Tuesday, December 21, 2010

My Mother's Recipe for New Year's Celebration

I remember my mother's New Year's Eve party.  I must have been eight years old.  I am sure it was tame by today's standards, but I felt very mature to be allowed to attend and stay up until midnight.  I assume that there was some alcohol, but I don't actually remember it; after all a child was present. 

I got pretty bored after standing around for a while since I was the only child, and grown people didn't talk about anything I was interested in.  There was music from the record player, but not many people danced.  There was food, but so what? 

The things I remember were Boiled Custard and Auld Lang Syne.
Auld Lang Syne  is the song traditionally associated with New Year Eve.  It means "for the sake of old times."  It is intended to fix in the mind the joys of times past.  It was the theme song of a band that was popular with my family--Guy Lombardo.  If you are reading this, you may have figured out that I like to remember the good times and I value the memories.  When I hear that song, my eyes often well with tears of joy for good times.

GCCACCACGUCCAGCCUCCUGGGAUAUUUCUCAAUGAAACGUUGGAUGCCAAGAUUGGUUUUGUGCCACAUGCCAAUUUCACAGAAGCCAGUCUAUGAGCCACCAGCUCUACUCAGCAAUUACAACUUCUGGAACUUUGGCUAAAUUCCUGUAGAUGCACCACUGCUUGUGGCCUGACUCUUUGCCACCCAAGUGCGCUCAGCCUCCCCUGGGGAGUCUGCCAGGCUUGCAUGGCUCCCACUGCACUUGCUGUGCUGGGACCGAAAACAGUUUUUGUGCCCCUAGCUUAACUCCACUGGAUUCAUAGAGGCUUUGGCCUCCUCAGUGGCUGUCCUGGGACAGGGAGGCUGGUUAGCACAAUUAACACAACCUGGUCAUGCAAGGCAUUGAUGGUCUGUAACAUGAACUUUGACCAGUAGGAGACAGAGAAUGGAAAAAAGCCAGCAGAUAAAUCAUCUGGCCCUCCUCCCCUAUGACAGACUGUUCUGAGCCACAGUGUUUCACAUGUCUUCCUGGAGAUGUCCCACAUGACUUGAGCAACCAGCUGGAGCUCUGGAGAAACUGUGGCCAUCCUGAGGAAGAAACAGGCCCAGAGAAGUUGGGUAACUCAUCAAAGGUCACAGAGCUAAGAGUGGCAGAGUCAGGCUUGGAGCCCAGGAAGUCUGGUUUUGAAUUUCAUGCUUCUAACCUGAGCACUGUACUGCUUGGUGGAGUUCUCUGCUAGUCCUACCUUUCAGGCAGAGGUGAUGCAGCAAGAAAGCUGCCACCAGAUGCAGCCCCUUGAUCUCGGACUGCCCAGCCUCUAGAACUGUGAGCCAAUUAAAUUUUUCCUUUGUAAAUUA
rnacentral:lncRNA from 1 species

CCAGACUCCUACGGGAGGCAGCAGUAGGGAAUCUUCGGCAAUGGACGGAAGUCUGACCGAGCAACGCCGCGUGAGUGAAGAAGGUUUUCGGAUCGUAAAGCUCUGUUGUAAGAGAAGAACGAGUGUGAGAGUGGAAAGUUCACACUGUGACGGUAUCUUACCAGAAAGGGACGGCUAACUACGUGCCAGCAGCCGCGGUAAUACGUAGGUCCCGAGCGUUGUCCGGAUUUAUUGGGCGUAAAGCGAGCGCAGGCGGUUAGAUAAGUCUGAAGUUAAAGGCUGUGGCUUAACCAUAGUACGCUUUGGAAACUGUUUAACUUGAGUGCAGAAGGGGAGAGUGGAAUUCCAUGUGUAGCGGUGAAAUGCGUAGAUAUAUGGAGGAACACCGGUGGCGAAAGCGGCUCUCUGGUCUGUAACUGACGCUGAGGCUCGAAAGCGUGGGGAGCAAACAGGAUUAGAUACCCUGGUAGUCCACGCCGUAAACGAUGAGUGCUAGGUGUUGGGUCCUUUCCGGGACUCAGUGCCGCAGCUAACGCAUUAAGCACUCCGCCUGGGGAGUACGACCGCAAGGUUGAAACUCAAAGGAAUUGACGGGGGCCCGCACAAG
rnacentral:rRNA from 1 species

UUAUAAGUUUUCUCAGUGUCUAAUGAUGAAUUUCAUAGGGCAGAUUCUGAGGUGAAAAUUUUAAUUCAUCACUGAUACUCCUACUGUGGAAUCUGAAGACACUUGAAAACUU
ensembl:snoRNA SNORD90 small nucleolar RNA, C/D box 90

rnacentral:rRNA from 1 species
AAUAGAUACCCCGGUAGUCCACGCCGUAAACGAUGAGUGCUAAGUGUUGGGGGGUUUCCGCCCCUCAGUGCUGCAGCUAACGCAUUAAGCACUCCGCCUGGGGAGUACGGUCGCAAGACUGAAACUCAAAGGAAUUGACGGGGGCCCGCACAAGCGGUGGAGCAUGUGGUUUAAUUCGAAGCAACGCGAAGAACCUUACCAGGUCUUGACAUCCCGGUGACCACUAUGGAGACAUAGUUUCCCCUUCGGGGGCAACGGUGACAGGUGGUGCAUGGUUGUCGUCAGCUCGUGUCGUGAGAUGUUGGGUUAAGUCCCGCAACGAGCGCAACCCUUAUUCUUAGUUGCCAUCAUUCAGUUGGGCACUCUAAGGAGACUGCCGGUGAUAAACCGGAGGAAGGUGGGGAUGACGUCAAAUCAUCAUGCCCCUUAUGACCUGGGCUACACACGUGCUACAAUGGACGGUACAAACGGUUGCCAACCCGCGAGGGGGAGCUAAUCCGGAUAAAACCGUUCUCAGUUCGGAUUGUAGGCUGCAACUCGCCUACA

Boiled Custard is one of those memories.  You can buy a poor imitation of Boiled Custard in the grocery store around Christmas and New Years, but it is not nearly as good as the homemade stuff.  Egg Nog is spiked with some kind of liquor, rum or whiskey, and Boiled Custard can be, but it is a stand alone delicacy. 

In the summertime, it is topped with whipped cream accompanied by a fine sugar cookie and  eaten with a spoon from a lovely glass custard cup.  At my mother's party it was drunk from a punch cup, perhaps with the alcohol mentioned above.  As an adult I came to appreciate the addition of a small amount of rum or brandy, but it was not necessary.  

The custard and the song still come with the memories, and I still enjoy them even with the tears.  

Boild Custard Recipe

1 quart of whole milk
3 eggs
1 cup sugar
1 tsp. vanilla (you may substitute  brandy or rum flavoring)

Beat the eggs very well with 1/2 cup of the milk.  Heat the rest of the milk in a pan over medium heat.  Add the sugar and stir well.  When the mixture is scalding and ready to boil, stir in the eggs and remove the pan from the heat.  Stir well.  Add vanilla or other flavoring.  Stir well.  Cover the pan with a lid and allow to cool.  When cool, chill in refrigerator.  Serve with a sprinkle of nutmeg.

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